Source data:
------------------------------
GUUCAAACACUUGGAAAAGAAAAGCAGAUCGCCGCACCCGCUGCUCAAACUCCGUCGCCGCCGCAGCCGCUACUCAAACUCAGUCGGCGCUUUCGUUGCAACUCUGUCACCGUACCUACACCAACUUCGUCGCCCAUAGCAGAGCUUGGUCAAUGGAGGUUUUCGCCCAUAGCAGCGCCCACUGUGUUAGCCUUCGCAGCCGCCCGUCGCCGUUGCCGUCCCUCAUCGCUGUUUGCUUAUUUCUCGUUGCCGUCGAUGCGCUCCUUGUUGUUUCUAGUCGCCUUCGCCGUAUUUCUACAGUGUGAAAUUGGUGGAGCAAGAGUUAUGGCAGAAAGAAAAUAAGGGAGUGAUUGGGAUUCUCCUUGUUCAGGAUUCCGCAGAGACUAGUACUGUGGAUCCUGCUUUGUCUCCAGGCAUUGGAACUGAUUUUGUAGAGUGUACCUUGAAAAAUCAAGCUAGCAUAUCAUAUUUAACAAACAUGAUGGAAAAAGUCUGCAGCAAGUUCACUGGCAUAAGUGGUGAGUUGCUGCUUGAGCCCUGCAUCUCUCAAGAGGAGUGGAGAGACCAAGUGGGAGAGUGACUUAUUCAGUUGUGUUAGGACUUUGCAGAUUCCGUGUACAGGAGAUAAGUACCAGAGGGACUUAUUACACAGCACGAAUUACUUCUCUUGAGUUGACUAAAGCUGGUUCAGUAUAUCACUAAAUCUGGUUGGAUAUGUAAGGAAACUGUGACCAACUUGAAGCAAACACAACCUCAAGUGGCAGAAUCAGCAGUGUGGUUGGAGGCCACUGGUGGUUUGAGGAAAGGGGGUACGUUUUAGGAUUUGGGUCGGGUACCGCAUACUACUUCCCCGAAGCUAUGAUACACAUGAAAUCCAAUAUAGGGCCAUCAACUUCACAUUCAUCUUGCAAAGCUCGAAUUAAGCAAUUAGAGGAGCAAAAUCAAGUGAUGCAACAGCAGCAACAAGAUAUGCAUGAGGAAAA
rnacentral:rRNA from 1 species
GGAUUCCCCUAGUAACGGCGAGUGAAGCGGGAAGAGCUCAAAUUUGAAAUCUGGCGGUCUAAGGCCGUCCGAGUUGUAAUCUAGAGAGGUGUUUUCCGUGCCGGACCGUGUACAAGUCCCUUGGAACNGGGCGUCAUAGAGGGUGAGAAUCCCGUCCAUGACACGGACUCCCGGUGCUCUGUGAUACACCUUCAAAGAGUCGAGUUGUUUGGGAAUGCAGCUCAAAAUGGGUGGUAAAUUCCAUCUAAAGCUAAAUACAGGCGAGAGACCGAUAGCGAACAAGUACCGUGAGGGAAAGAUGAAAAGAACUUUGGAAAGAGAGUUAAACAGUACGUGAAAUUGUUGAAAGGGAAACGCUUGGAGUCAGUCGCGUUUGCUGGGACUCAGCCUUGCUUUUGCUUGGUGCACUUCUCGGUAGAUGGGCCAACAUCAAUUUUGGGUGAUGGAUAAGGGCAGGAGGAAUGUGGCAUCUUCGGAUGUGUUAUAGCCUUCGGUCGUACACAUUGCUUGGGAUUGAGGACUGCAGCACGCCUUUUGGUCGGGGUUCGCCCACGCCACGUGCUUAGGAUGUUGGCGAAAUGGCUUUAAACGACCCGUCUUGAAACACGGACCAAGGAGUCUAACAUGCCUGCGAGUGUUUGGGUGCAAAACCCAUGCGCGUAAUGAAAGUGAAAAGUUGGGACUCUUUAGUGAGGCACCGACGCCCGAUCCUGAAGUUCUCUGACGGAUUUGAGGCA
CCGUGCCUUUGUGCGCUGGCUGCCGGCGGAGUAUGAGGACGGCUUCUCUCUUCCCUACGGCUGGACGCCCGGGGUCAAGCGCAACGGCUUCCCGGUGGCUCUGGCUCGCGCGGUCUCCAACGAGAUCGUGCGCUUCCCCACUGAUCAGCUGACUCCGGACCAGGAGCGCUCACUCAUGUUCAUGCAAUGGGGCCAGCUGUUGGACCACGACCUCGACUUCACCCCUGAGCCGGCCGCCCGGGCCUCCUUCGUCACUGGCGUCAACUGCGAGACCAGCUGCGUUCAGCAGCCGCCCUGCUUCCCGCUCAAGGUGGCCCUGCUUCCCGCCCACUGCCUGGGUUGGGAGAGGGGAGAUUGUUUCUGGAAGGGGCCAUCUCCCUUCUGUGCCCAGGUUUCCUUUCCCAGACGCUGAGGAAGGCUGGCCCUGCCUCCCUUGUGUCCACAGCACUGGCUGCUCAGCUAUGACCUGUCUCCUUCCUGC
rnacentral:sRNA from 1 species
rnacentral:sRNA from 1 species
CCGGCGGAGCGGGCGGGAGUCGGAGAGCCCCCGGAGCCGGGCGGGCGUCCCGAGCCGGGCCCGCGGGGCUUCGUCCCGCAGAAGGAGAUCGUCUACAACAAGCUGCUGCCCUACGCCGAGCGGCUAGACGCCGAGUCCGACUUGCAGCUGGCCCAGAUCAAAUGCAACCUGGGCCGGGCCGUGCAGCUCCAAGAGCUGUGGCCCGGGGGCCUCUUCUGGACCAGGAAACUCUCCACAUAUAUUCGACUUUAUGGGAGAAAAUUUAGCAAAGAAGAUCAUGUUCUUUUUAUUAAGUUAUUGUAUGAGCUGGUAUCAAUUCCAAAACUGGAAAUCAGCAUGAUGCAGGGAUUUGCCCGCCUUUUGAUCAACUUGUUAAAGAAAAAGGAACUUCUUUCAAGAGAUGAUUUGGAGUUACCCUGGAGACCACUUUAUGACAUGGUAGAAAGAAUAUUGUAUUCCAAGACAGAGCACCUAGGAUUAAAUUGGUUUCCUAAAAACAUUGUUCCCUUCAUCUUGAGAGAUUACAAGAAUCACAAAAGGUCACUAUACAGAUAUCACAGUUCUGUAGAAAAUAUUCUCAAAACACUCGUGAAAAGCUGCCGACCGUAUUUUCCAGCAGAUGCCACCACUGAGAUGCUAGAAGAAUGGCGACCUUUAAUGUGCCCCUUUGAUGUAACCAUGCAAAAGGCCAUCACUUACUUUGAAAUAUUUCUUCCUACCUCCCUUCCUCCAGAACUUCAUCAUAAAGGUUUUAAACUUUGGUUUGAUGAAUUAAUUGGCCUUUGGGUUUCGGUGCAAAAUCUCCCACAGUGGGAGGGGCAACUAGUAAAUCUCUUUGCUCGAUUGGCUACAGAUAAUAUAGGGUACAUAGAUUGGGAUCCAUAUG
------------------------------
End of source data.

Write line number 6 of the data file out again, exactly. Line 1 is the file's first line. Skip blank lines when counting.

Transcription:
rnacentral:sRNA from 1 species